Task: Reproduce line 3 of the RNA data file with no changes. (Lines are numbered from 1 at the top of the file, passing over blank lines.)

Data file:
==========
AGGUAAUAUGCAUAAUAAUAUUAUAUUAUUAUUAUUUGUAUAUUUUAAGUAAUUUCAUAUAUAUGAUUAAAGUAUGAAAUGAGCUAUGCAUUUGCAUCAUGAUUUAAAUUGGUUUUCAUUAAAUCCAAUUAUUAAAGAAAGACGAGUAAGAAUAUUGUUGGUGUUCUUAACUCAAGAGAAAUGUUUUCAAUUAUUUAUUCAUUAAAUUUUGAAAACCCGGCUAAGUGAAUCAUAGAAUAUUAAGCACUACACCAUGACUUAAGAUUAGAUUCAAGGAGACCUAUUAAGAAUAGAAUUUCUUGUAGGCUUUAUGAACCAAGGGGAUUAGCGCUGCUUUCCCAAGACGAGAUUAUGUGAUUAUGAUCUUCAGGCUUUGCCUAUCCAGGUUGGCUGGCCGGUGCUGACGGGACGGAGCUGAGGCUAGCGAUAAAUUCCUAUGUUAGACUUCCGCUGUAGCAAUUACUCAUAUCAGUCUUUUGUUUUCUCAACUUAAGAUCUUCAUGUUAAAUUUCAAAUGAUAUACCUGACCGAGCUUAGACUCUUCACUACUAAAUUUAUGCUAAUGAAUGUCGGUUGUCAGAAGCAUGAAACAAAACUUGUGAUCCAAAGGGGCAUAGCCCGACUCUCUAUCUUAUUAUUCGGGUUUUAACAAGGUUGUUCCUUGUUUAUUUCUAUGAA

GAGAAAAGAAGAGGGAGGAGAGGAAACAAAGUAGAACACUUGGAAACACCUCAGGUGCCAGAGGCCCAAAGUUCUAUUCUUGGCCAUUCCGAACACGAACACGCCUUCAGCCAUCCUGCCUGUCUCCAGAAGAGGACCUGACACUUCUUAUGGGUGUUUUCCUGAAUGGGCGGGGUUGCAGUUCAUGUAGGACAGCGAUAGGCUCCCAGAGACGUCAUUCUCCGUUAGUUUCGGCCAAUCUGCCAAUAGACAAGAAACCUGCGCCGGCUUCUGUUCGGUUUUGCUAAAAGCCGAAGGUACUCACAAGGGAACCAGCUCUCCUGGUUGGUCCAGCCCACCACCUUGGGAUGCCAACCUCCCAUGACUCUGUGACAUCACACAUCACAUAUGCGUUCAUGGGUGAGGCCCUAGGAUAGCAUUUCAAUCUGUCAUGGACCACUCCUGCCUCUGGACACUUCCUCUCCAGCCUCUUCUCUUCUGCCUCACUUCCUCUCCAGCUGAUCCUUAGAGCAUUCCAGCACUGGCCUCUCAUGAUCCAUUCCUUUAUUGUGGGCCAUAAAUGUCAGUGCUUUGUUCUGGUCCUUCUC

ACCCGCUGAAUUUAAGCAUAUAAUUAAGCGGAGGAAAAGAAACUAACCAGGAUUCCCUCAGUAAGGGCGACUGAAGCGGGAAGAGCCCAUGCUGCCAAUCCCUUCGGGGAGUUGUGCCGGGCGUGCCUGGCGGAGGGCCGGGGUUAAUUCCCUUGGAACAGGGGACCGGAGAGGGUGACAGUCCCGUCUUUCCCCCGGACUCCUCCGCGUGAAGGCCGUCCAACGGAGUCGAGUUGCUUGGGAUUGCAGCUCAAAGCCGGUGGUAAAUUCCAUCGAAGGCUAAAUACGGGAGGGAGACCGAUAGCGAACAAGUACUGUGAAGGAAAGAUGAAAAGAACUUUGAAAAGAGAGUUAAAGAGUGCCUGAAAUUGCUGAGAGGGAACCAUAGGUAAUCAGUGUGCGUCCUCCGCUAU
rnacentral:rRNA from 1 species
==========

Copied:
ACCCGCUGAAUUUAAGCAUAUAAUUAAGCGGAGGAAAAGAAACUAACCAGGAUUCCCUCAGUAAGGGCGACUGAAGCGGGAAGAGCCCAUGCUGCCAAUCCCUUCGGGGAGUUGUGCCGGGCGUGCCUGGCGGAGGGCCGGGGUUAAUUCCCUUGGAACAGGGGACCGGAGAGGGUGACAGUCCCGUCUUUCCCCCGGACUCCUCCGCGUGAAGGCCGUCCAACGGAGUCGAGUUGCUUGGGAUUGCAGCUCAAAGCCGGUGGUAAAUUCCAUCGAAGGCUAAAUACGGGAGGGAGACCGAUAGCGAACAAGUACUGUGAAGGAAAGAUGAAAAGAACUUUGAAAAGAGAGUUAAAGAGUGCCUGAAAUUGCUGAGAGGGAACCAUAGGUAAUCAGUGUGCGUCCUCCGCUAU